Since we're a PC hardware review site, I'm required by guild by-laws to include some benchmark results for the NUC. Thus, you're about to be subjected to a specious comparison, pitting the helpless little NUC against full-grown desktop PC systems with vastly higher power envelopes. Somewhere in Oregon, an Intel product manager just burst a vein in his temple. Our purpose here is not to humiliate the NUC, but to offer some context.
This may be all the context you need, really: the Core i3-3217U in the NUC has dual cores ticking along at 1.8GHz. The lowest-end Intel desktop chip we've tested based on the same Ivy Bridge silicon, the Pentium G2120, runs at 3.1GHz, nearly twice the frequency in a 55W power envelope. Notably, the NUC has Hyper-Threading while the Pentium does not, but one would still expect the Pentium to be much quicker. A look at the numbers confirms it.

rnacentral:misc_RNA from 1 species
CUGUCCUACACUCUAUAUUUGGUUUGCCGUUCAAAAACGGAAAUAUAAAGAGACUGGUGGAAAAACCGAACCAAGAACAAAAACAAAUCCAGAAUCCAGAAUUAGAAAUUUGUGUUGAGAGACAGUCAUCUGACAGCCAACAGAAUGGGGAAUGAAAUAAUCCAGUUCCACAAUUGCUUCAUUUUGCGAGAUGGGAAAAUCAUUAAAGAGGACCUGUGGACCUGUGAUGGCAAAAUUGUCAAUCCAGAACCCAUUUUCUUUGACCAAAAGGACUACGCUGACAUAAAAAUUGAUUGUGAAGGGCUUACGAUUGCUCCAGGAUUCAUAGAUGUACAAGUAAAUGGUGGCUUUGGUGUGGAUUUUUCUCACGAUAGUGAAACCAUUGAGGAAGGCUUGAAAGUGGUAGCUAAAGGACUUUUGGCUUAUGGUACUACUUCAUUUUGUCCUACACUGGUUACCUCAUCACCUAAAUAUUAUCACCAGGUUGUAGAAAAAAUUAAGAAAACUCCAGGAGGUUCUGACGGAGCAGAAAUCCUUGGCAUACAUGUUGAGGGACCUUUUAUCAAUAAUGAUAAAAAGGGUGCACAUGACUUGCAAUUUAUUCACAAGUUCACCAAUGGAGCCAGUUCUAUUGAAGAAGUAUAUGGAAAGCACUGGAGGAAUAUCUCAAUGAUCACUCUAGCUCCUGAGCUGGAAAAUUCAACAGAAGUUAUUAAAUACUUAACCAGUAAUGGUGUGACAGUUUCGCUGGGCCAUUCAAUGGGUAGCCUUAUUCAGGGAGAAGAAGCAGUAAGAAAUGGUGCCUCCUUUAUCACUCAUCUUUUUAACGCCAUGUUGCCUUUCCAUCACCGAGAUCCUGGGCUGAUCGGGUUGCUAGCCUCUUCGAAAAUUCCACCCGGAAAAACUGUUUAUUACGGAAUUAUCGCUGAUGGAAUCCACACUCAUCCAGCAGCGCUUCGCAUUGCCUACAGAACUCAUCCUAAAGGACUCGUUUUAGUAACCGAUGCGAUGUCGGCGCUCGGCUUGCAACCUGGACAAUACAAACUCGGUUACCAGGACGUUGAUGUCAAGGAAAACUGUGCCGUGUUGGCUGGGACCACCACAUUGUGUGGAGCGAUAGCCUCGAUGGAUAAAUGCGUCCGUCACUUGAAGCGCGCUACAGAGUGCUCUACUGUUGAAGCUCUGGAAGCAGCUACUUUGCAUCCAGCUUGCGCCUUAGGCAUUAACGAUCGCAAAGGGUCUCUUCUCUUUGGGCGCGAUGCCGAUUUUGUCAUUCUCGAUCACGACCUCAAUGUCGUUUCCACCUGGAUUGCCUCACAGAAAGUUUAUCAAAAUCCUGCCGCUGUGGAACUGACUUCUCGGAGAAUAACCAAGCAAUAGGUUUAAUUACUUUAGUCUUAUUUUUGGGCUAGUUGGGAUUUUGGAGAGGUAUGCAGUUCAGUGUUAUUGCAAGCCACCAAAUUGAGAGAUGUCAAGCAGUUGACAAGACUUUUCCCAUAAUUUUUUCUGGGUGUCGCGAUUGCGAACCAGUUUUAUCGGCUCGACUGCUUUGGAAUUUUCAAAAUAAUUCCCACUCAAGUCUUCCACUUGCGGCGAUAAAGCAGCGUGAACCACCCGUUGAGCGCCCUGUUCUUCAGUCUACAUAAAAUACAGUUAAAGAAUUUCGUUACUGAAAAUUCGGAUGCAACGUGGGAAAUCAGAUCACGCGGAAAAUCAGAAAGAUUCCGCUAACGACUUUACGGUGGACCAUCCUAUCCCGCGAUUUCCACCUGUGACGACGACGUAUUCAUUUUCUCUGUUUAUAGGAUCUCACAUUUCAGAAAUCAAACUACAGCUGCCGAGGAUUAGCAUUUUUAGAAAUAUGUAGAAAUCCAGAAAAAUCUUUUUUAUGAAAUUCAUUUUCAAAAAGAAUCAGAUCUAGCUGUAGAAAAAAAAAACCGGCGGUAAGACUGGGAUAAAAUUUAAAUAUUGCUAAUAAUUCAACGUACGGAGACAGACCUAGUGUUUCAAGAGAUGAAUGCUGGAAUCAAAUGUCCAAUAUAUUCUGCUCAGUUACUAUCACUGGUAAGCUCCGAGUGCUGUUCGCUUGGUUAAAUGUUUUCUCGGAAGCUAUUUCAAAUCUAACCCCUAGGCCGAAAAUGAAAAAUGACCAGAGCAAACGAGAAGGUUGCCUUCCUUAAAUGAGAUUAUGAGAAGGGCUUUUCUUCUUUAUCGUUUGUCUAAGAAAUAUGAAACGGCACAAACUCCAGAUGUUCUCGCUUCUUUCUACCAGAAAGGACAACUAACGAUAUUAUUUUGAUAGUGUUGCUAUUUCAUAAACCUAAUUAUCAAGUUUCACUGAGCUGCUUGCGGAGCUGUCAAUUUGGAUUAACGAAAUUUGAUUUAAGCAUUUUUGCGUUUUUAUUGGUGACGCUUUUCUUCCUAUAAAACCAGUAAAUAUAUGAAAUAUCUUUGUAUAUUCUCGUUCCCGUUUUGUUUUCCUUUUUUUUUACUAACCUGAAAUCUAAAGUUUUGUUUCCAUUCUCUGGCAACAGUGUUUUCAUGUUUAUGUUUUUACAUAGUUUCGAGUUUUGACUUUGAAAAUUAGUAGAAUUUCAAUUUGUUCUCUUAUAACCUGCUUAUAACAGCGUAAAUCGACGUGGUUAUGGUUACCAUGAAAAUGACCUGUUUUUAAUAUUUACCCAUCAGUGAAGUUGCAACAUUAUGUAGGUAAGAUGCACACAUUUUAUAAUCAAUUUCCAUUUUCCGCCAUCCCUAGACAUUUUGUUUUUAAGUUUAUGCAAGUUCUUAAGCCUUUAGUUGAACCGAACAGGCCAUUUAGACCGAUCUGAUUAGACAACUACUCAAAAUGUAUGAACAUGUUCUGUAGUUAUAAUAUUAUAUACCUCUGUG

So the NUC's speed isn't going to blow your hair back, but this thing is also more than half as fast as a modern desktop system, which is pretty good. We don't have any numbers from Atom or Brazos systems in this latest set of results, but if you look back at our older results, you'll observe that the dual-core Atom D525's 7-Zip compression rate is under half the NUC's and its x264 encoding rate is one third or less. There are some software rev differences there, so the comparisons aren't exact, but those numbers should be sufficient to establish that the NUC is a different class of system—just like an Ultrabook seriously outclasses a netbook.
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